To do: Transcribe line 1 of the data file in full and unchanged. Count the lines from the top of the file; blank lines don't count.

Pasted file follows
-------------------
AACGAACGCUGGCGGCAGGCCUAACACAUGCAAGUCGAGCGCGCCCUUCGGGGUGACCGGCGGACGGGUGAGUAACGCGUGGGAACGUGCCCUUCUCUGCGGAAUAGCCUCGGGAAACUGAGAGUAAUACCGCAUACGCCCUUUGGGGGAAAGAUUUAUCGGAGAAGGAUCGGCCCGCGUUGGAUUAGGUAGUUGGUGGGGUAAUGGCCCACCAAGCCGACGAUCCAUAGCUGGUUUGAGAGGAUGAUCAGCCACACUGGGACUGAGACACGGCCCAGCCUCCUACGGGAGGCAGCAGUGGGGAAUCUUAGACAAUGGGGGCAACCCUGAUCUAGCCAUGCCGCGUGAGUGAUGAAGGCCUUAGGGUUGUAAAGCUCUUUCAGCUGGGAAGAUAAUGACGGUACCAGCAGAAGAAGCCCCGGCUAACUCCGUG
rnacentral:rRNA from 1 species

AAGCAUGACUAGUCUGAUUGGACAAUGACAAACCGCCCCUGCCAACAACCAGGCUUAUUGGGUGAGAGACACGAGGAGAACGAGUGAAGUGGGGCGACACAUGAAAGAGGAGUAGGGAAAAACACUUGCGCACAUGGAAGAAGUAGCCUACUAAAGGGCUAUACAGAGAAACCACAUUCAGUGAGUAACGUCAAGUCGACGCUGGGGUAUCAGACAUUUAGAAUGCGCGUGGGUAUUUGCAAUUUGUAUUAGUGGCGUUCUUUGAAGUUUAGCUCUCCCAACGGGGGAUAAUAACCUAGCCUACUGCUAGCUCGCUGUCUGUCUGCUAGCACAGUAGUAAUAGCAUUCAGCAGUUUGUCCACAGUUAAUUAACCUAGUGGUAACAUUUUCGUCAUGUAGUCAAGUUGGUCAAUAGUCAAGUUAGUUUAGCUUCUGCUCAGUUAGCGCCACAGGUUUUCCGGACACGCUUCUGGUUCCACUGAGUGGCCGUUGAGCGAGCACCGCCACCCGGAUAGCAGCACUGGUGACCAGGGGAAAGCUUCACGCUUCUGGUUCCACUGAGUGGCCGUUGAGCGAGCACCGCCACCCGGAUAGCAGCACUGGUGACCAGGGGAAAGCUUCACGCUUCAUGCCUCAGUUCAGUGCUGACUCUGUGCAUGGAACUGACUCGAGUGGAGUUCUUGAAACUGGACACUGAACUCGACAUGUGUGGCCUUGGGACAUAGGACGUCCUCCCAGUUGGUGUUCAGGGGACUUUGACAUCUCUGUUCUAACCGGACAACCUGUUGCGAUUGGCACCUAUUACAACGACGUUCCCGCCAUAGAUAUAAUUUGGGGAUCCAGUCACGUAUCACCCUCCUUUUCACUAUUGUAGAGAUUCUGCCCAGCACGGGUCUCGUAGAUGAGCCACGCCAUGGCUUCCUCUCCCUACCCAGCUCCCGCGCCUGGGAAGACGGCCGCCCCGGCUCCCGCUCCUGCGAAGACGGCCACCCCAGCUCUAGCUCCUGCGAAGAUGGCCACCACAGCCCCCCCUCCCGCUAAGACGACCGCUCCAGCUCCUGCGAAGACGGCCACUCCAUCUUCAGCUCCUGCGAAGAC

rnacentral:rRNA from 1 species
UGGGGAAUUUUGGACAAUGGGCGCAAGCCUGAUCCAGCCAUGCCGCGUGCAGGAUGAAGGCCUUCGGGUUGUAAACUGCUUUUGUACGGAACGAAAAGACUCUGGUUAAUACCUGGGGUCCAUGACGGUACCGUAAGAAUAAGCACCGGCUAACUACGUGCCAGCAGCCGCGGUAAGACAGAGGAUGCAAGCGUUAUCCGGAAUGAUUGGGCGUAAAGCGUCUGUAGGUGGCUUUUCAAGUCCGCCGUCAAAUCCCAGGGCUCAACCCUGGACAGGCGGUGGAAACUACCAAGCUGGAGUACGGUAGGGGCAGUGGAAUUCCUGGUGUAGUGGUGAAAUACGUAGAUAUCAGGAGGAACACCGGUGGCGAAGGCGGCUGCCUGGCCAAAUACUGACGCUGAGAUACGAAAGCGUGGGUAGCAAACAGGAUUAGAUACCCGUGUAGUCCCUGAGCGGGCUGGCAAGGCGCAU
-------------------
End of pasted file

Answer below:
AACGAACGCUGGCGGCAGGCCUAACACAUGCAAGUCGAGCGCGCCCUUCGGGGUGACCGGCGGACGGGUGAGUAACGCGUGGGAACGUGCCCUUCUCUGCGGAAUAGCCUCGGGAAACUGAGAGUAAUACCGCAUACGCCCUUUGGGGGAAAGAUUUAUCGGAGAAGGAUCGGCCCGCGUUGGAUUAGGUAGUUGGUGGGGUAAUGGCCCACCAAGCCGACGAUCCAUAGCUGGUUUGAGAGGAUGAUCAGCCACACUGGGACUGAGACACGGCCCAGCCUCCUACGGGAGGCAGCAGUGGGGAAUCUUAGACAAUGGGGGCAACCCUGAUCUAGCCAUGCCGCGUGAGUGAUGAAGGCCUUAGGGUUGUAAAGCUCUUUCAGCUGGGAAGAUAAUGACGGUACCAGCAGAAGAAGCCCCGGCUAACUCCGUG